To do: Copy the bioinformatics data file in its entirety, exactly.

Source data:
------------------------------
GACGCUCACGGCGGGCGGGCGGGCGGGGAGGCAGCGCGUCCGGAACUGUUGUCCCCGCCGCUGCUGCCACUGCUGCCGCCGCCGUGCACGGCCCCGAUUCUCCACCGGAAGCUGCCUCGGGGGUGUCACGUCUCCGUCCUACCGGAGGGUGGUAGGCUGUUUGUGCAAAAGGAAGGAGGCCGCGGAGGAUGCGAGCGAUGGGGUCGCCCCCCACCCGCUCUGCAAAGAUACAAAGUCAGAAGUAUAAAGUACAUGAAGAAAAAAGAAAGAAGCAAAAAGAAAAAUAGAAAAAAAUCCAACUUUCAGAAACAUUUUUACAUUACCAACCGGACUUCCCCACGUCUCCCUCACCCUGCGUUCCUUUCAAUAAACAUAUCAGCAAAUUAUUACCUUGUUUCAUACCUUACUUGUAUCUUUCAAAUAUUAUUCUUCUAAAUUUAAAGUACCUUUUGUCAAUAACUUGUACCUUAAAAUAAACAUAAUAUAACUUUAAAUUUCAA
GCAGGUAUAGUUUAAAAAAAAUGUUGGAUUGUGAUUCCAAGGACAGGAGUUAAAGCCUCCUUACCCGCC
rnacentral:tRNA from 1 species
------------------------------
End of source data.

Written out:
GACGCUCACGGCGGGCGGGCGGGCGGGGAGGCAGCGCGUCCGGAACUGUUGUCCCCGCCGCUGCUGCCACUGCUGCCGCCGCCGUGCACGGCCCCGAUUCUCCACCGGAAGCUGCCUCGGGGGUGUCACGUCUCCGUCCUACCGGAGGGUGGUAGGCUGUUUGUGCAAAAGGAAGGAGGCCGCGGAGGAUGCGAGCGAUGGGGUCGCCCCCCACCCGCUCUGCAAAGAUACAAAGUCAGAAGUAUAAAGUACAUGAAGAAAAAAGAAAGAAGCAAAAAGAAAAAUAGAAAAAAAUCCAACUUUCAGAAACAUUUUUACAUUACCAACCGGACUUCCCCACGUCUCCCUCACCCUGCGUUCCUUUCAAUAAACAUAUCAGCAAAUUAUUACCUUGUUUCAUACCUUACUUGUAUCUUUCAAAUAUUAUUCUUCUAAAUUUAAAGUACCUUUUGUCAAUAACUUGUACCUUAAAAUAAACAUAAUAUAACUUUAAAUUUCAA
GCAGGUAUAGUUUAAAAAAAAUGUUGGAUUGUGAUUCCAAGGACAGGAGUUAAAGCCUCCUUACCCGCC
rnacentral:tRNA from 1 species